It's every parent's dream to give their children the world, and you did it. Unfortunately, now that Junior and his sister are adults, the toys they want are expensive and their needs are endless. A new house, a second car, a family vacation and braces for the kids are just a few of the items on their long list of things they want but can't afford unless you help pay for them. The problem is, if you keep the cash flow coming, your retirement is going to be in jeopardy.

It's an increasingly common dilemma that was decades in the making. Often, it starts when the kids are young. Remember when your son was a little boy, and you always made sure he had money in his pocket? When he wanted a car, you bought it. When he went to college, you paid for it. The same rules applied to your daughter. When she wanted a new dress, you pulled out a charge card. When she wanted that vacation with her friends, you gave her the money. Now that the kids are all grown up, they remember the lesson that you taught them: put your hand out when you need money, because mom and dad will fill it up with cash.

Just Say "No"
What can you do? The simple answer is that, until you learn to say "No", your kids are never going to learn how to handle money responsibly. Of course, stopping the handouts and starting to teach financial responsibility is sometimes easier said that done.

If you've been generous about giving handouts to your kids, they have probably gotten used to the comfortable lifestyle that you and your spouse worked so hard to achieve, but they didn't see, or were too young to remember, the days when you didn't have money. Now that they are old enough to understand, it's a good time to talk to them about how you struggled to get by on small salaries earlier in your life. For example, it's time to let them know that the house you live in took three decades to pay off, or that your parents (their grandparents) are still living and are approaching an age where you may need to provide them with financial assistance.

Kids Flying The Coop…
If you are one of the lucky 50% of the population with adult children ages 18 to 24 that have actually left the nest and are living on their own, cutting off the cash flow is a bit easier. Start the process by having a frank conversation about all of the issues covered in the previous paragraph. From there, ask the kids to put some serious thought into their lives. Where do they want to live? What do they want to drive? How often do they want to go on vacation? What are they going to do to earn that lifestyle?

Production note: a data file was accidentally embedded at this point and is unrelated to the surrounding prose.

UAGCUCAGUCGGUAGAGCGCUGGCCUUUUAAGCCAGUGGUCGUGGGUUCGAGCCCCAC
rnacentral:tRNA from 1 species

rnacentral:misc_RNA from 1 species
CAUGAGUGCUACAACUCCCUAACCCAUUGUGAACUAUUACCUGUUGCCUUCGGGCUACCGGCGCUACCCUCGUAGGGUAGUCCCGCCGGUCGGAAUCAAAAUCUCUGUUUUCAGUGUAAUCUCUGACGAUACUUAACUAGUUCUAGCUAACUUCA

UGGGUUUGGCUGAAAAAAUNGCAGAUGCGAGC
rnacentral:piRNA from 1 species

…Or Refusing to Empty the Nest
If your adult children are still living at home (often referred to now as boomerangs or KIPPERS), it's time to start charging rent. Sooner or later, the kids need to learn that there are no free rides in life. From there, it's time to talk about financial self-sufficiency. Have the kids explain what they are going to do in order to support themselves. How do they plan to fund their golden years? What will they do if their kids expect a lifetime of financial support? How will they handle it if their children's financial handouts make it impossible for them to achieve their post-work dreams?

Financial Lessons 101
Regardless of where the kids live, talk to them about their lifestyle choices. Explain the importance to live within (or even below) their means. Teach them that anything they can't buy with their own salaries is an item they can't afford. Talk to them about the responsible use of credit cards. If you work with a financial services professional, set up a meeting so that your children can begin to learn about managing their money too.

For holidays and birthdays, how about giving your child the gift of financial security with books about finances or subscriptions to the financial publications that you read?

Last but not least, cut off the cash flow.

The Bank of Mom and Dad